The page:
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How Nature, Climate and the Refugee Crisis Inspired Artist Michal Rovner’s New Works

The Israeli artist discusses farming, climate change, refugees and the importance of place in her conceptual work.

Michal Rovner Jordan Polevoy

Insofar as a studio is a space for an artist to contemplate and to create work, Michal Rovner’s studio is her farm, located in a village between Jerusalem and Tel Aviv. “I start every day in the field, very early, 5:30,” she says at the end of a clear autumn afternoon. Sometimes she picks poppies or beans—she loves the shape of the legumes when they’re dried—but mostly, she says, “I’m looking,” whether at her large plot, surrounded by olive trees and planted with a fig, pomegranate and orange orchard, or at her three white donkeys. “The field is very simple. It’s kind of a dialogue that I have with my longing for the Canaan landscape, you know, the old, original landscape of Israel.”

That landscape, both natural and built over millennia, has long nourished Rovner’s work, and she has returned the favor. “My mother said that the landscape which I constructed here is my best work of art,” she says with evident pride.

Nature, as well as the present dangers posed both to and from it around the globe, was the starting point for her latest body of work, which will be shown at Pace Gallery in Palm Beach, Fla., in an exhibition opening December 17. “Current Climates” is a series of videos that, digitally stripped down to erase identifying details, appear like painterly abstractions of small figures trudging through barren, burning or watery terrain. “When I was making the work, [there were] the floods in Europe, then all the fires in Greece, in Turkey, in California, then in Israel,” she recalls. “I was standing here, and I was watching the smoke coming from the hills of Jerusalem. These experiences went into the work and made them more intense. There was this sense of heat.”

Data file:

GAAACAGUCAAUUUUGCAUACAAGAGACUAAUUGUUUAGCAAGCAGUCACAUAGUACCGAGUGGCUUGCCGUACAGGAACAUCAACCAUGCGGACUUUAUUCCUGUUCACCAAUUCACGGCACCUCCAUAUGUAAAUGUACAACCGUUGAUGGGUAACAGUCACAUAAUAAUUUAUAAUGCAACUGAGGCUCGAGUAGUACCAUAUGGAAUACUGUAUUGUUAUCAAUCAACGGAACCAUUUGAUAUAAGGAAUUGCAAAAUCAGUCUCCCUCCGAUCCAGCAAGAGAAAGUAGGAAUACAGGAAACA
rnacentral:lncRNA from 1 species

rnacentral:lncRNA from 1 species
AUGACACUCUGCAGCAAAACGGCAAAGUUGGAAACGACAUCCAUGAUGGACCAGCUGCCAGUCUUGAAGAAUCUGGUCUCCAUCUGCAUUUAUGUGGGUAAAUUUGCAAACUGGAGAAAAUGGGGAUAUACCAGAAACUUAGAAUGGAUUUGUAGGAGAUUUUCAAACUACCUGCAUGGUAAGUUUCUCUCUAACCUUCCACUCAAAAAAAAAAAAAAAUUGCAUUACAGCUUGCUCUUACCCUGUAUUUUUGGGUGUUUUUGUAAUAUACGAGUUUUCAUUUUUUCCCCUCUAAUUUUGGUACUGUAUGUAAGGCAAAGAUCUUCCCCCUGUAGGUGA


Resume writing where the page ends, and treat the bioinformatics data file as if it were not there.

Michal Rovner Current Climates

From left to right: Michal Rovner, Golden Field, 2021, and Earth People, 2021, both LCD screen and video.  Michal Rovner/Courtesy of Pace Gallery

Rovner is sitting on her patio, shaded by a sukkah, a traditional shelter consisting of a fabric roof held up by tree-branch poles. Behind her are three Makom sculptures. After being constructed there with the help of an Israeli and Palestinian crew from 60 to 70 tons of stone each, two were then disassembled, shipped to Paris and rebuilt at the Louvre opposite I. M. Pei’s iconic pyramid in 2011 before the process was repeated in reverse. “Makom” is Hebrew for “place,” and, in a poignant reference to the region’s ancient and lasting strife, the stones were salvaged from destroyed homes on the West Bank, on the Syrian border and in Israel.

A sense of place is inextricable from Rovner’s work. Her country’s landscapes “echo entire history, a very dramatic history that I feel a part of,” she says, noting that biblical associations and archeological artifacts are layered into the region’s contemporary environment, including on her own farm, where she regularly finds pottery shards dating to the reigns of the Old Testament kings David and Solomon. “You feel you are connected. I am aware that I have roots. I see the continuation of time here.” Yet, though she describes her art as dealing with “questions of identity, of place and often time,” she emphasizes, “my work is not about this place. I try to take it to a broader place.”

“People always ask me, ‘Who are these people? Where is this place?’ ” she says. “It could be anybody. These landscapes really are about the human condition.”

Michal Rovner

Rovner with some of the stones she uses in her work.  Jordan Polevoy

Even her pieces seemingly about animals have more to do with humanity. In 2016, Rovner made a haunting series featuring jackals, capturing the elusive desert creatures using night-vision equipment, in part as a metaphor for the refugees streaming out of Syria and parts of Africa who are often feared as the “other” the way jackals have been historically. The aesthetic beauty of her art is a lure, she notes, like an appetizer. “Then I just serve them another dish, so to speak,” she says of a deeper engagement with the work.

As we talk via Zoom, the light quickly fades, leaving a luminous moon hanging low over the field. Two of her six dogs, half of them adopted from the wild, wander in and out of the camera frame. “I always wanted to have a wolf,” she says. Rovner, who has also long had a studio in New York City, has relished her extended time on the farm during the pandemic. From the eve of lockdown, when a storm felled seven old cypress trees, through a heat wave that brought crows in search of water, she took time to reflect and to film a hawks’ nest, which could evolve into her next project. “I’m very lucky,” she says, “because I have a very big field.”

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